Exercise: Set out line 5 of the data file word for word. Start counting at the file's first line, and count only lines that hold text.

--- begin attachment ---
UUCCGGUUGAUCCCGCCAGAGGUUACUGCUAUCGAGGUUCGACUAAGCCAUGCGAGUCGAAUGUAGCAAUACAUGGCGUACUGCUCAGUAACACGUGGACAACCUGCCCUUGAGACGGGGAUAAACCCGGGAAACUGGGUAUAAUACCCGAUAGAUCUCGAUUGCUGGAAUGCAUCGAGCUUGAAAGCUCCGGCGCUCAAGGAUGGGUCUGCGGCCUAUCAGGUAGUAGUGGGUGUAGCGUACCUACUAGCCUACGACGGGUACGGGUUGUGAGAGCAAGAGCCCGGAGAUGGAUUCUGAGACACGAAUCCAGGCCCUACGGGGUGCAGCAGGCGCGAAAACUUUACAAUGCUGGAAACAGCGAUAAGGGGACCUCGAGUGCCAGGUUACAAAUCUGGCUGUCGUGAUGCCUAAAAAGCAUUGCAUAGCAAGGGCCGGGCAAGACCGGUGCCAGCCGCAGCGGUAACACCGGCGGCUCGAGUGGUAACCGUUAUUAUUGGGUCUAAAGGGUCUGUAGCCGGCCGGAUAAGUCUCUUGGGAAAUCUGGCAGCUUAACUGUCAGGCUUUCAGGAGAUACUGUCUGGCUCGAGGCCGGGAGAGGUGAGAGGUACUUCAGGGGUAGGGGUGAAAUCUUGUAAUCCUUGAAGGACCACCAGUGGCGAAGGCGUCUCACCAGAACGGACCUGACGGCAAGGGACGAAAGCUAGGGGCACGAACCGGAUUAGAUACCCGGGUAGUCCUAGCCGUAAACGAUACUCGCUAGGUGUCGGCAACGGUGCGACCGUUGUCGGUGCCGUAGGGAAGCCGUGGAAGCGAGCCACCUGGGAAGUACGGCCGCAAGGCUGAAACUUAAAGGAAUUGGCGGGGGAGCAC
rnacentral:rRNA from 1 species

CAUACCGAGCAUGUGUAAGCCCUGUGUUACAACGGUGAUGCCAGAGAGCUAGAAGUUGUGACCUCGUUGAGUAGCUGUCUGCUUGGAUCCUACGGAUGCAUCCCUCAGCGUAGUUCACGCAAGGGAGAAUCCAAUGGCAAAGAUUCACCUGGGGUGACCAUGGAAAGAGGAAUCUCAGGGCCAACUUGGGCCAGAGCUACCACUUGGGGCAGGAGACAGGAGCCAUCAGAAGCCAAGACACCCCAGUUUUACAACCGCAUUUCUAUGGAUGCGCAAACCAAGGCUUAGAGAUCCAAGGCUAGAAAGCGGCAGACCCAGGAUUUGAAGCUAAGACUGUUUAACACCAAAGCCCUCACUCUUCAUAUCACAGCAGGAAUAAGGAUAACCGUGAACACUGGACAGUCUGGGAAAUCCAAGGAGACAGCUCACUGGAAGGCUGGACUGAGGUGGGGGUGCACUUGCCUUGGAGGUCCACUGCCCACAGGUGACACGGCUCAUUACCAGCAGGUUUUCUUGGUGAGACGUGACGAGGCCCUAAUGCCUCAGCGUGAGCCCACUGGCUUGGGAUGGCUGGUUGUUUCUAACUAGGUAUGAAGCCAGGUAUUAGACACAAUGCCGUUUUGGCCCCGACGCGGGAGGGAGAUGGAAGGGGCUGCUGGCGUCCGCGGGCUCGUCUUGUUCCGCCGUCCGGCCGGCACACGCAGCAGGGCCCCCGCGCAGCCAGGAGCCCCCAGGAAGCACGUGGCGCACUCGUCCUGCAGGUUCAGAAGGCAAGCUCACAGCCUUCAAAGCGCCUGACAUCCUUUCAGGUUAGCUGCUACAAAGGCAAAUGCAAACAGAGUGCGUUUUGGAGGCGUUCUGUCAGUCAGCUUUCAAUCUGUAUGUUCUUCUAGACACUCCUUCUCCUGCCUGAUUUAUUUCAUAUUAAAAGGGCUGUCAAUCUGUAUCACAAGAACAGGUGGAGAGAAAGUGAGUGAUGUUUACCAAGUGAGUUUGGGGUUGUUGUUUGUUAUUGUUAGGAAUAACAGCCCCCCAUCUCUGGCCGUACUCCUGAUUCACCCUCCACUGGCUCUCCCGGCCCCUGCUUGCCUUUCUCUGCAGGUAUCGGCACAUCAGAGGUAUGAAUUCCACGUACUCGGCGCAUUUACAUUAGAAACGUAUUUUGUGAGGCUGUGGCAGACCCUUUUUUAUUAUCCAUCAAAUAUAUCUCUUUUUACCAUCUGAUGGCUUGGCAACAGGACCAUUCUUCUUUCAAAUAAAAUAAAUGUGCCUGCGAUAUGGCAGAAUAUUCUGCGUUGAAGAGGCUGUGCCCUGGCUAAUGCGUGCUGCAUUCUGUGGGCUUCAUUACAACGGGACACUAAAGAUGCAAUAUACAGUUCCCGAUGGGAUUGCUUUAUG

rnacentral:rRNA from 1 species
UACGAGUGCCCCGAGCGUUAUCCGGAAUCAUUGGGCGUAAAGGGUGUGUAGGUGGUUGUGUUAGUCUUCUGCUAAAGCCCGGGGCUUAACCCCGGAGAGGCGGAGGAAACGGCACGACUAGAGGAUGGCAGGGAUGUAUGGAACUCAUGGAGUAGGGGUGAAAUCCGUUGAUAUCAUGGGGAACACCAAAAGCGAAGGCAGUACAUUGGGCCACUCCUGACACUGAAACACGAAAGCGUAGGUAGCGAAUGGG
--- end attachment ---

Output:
UACGAGUGCCCCGAGCGUUAUCCGGAAUCAUUGGGCGUAAAGGGUGUGUAGGUGGUUGUGUUAGUCUUCUGCUAAAGCCCGGGGCUUAACCCCGGAGAGGCGGAGGAAACGGCACGACUAGAGGAUGGCAGGGAUGUAUGGAACUCAUGGAGUAGGGGUGAAAUCCGUUGAUAUCAUGGGGAACACCAAAAGCGAAGGCAGUACAUUGGGCCACUCCUGACACUGAAACACGAAAGCGUAGGUAGCGAAUGGG